MYSTERY OF THE MISSING MIGRANTS | © Charley Harper Art Studio | Used with Permission

Bird migration forecasts in real-time

When, where, and how far will birds migrate? Our migration forecasts will answer these questions for the first time.

Learn how


Migration tools


Bird migration forecast maps show predicted nocturnal migration 3 hours after local sunset and are updated every 6 hours. Colorado State University and the Cornell Lab of Ornithology currently produce these forecasts.  Learn more

Forecast map: Day 1
Forecast map: Day 2
Forecast map: Day 3
Forecast map: Day 1
Forecast map: Day 2
Forecast map: Day 3

Search with our local migration alert tool to determine whether birds are passing overhead near your city tonight!  Learn more

See real-time analysis maps of intensities of actual nocturnal bird migration, as detected by the US weather surveillance radar network between local sunset to sunrise. Cornell Lab of Ornithology currently produces these maps.

Play live bird migration maps

Recent news

By Andrew Farnsworth The Cornell Lab Oct 16, 2020

Central Texas birders, drop what you are doing, distance yourselves from others, and go birding! Radars in the area are currently detecting what may be streaming raptors. Tell us what you find!  Read more

By Andrew Farnsworth The Cornell Lab Oct 16, 2020

Birders in eastern North America should keep their eyes open, especially in coastal and lakeshore locations, for Cave Swallows this weekend and in the weeks to come. The passage of a strong weather systems, like the cold front moving through the northeastern US today, hearkens the start of a period during which this species can occur, occasionally in significant numbers, far outside of its typical southern ranges.  Read more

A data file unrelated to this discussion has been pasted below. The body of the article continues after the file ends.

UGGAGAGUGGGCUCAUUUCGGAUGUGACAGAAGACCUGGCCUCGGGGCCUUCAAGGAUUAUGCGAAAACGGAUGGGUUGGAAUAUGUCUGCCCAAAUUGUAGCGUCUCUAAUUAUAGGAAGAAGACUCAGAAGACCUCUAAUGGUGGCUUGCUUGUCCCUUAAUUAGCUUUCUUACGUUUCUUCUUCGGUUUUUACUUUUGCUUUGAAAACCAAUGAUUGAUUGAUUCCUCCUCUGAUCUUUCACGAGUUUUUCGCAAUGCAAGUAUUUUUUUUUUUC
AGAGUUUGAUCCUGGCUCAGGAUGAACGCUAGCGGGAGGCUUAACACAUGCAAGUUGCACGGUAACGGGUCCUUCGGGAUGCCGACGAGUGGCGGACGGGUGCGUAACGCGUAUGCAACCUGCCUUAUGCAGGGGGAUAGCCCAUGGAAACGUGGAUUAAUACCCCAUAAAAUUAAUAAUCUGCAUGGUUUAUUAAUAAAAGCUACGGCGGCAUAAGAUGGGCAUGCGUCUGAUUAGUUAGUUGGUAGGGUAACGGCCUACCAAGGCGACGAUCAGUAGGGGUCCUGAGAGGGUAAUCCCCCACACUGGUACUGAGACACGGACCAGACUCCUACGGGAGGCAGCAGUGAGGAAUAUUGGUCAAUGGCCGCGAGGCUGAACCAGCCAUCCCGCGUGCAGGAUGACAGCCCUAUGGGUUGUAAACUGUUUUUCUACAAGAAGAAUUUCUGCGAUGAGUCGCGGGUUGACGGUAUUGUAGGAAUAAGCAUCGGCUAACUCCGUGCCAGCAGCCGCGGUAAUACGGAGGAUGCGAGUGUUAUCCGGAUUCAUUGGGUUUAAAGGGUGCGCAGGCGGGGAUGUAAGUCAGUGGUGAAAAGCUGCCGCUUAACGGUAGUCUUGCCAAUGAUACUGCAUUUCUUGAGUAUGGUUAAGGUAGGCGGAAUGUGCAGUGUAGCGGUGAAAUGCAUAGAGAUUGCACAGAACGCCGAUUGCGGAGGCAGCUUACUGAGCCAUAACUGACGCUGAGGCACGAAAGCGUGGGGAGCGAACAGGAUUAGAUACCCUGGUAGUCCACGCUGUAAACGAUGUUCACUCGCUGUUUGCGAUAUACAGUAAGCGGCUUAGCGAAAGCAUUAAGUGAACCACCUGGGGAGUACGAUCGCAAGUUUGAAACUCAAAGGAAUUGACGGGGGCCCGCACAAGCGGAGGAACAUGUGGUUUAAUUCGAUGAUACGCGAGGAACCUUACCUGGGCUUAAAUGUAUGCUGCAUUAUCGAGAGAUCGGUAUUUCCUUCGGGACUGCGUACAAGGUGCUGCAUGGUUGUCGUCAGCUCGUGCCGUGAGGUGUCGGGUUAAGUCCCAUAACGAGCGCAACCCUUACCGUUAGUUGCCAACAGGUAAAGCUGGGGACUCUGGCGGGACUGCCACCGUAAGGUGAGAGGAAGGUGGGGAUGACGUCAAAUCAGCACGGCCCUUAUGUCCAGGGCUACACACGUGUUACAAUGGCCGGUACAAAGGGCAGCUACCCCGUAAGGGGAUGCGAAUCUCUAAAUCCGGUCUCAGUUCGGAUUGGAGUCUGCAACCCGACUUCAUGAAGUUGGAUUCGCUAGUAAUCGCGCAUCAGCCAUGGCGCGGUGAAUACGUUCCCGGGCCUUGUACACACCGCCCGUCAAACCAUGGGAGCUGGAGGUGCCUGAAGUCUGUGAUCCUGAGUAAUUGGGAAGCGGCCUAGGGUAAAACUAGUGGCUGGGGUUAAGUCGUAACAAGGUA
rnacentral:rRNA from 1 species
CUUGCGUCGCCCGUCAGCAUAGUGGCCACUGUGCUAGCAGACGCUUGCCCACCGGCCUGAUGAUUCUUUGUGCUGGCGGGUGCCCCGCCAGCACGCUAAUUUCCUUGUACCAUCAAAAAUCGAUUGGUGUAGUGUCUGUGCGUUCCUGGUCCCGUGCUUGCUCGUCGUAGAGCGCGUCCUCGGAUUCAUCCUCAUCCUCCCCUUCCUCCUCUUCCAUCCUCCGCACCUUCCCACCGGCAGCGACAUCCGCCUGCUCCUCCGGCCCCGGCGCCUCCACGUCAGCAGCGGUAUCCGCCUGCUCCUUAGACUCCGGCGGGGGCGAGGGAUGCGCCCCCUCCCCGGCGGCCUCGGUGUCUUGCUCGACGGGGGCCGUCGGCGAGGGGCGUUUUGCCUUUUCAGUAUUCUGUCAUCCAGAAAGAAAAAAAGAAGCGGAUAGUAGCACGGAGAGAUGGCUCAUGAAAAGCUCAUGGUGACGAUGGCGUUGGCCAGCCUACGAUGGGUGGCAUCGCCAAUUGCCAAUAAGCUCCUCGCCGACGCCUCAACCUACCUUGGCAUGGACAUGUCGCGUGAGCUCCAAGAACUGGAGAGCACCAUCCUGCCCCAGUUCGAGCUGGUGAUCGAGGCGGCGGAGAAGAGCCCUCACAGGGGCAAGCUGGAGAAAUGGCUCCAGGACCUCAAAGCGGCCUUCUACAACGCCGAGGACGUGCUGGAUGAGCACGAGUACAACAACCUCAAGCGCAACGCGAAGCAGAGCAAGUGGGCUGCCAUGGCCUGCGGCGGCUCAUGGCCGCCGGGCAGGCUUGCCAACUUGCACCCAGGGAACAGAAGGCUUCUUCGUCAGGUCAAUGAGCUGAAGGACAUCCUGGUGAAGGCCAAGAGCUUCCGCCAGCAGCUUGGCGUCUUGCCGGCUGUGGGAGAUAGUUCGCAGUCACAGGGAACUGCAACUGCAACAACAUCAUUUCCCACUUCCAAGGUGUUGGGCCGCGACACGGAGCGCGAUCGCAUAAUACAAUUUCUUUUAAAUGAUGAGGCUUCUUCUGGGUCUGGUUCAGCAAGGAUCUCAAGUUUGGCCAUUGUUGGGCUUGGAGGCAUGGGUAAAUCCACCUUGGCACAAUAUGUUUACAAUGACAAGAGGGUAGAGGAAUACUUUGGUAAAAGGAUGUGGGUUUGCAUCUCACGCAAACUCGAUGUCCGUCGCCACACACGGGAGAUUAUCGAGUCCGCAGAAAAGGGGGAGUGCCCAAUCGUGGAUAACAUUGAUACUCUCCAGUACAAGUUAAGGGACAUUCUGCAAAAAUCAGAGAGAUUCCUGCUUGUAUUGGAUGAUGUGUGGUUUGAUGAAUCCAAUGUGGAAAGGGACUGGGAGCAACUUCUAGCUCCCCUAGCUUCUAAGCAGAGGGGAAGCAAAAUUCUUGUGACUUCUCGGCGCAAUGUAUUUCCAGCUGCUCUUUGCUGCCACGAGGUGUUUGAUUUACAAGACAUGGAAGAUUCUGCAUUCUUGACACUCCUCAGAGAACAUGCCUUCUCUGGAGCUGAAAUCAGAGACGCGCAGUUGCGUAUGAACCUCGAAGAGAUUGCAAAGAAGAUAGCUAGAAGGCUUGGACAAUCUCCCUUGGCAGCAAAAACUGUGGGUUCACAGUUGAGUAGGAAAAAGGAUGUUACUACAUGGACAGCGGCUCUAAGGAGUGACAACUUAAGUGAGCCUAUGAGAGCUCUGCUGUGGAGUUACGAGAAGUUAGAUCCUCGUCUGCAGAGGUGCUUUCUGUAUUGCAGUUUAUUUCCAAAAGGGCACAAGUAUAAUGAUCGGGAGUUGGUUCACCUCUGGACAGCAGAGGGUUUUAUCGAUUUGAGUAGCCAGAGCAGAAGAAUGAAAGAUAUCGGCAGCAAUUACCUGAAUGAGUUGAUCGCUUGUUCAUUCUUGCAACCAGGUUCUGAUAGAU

Forecast and Analysis
By Andrew Farnsworth The Cornell Lab Oct 16, 2020

Easterly flow in the North Atlantic has the potential to bring European species into northeastern North America in the coming days. Marginal to favorable conditions for such displacement are predicted for the coming days, so birders should watch their favorite patches closely.  Read more

All news

NASA Earth Observatory images by Joshua Stevens, using Suomi NPP VIIRS data from Miguel Román, NASA's Goddard Space Flight Center

Lights Out

Every spring and fall, billions of birds migrate through the US, mostly under the cover of darkness. This mass movement of birds must contend with a dramatically increasing but still largely unrecognized threat: light pollution.

BirdCast Partners and Support

BirdCast is a consortium of interdisciplinary researchers, primarily from three organizations at present, with a growing list of collaborators, supporters, and partners. Learn more

Core partners
Core funders
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Lights Out partners